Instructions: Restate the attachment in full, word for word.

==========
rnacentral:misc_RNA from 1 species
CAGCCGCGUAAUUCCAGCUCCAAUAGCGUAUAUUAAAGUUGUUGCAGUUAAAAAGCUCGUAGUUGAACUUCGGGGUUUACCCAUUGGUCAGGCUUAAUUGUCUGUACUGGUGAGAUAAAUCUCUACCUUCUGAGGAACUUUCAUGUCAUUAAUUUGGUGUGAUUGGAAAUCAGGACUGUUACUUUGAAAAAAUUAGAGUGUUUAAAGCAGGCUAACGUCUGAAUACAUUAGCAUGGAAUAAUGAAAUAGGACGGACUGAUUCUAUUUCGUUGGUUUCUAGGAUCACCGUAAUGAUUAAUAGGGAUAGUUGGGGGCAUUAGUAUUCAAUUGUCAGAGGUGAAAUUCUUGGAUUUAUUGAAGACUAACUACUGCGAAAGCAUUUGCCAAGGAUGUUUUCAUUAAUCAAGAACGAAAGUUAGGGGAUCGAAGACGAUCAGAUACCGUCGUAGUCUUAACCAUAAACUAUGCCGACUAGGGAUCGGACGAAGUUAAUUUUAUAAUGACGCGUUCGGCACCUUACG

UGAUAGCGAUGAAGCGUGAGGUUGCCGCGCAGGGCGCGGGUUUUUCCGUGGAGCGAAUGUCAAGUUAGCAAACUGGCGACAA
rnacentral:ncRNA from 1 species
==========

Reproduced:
rnacentral:misc_RNA from 1 species
CAGCCGCGUAAUUCCAGCUCCAAUAGCGUAUAUUAAAGUUGUUGCAGUUAAAAAGCUCGUAGUUGAACUUCGGGGUUUACCCAUUGGUCAGGCUUAAUUGUCUGUACUGGUGAGAUAAAUCUCUACCUUCUGAGGAACUUUCAUGUCAUUAAUUUGGUGUGAUUGGAAAUCAGGACUGUUACUUUGAAAAAAUUAGAGUGUUUAAAGCAGGCUAACGUCUGAAUACAUUAGCAUGGAAUAAUGAAAUAGGACGGACUGAUUCUAUUUCGUUGGUUUCUAGGAUCACCGUAAUGAUUAAUAGGGAUAGUUGGGGGCAUUAGUAUUCAAUUGUCAGAGGUGAAAUUCUUGGAUUUAUUGAAGACUAACUACUGCGAAAGCAUUUGCCAAGGAUGUUUUCAUUAAUCAAGAACGAAAGUUAGGGGAUCGAAGACGAUCAGAUACCGUCGUAGUCUUAACCAUAAACUAUGCCGACUAGGGAUCGGACGAAGUUAAUUUUAUAAUGACGCGUUCGGCACCUUACG

UGAUAGCGAUGAAGCGUGAGGUUGCCGCGCAGGGCGCGGGUUUUUCCGUGGAGCGAAUGUCAAGUUAGCAAACUGGCGACAA
rnacentral:ncRNA from 1 species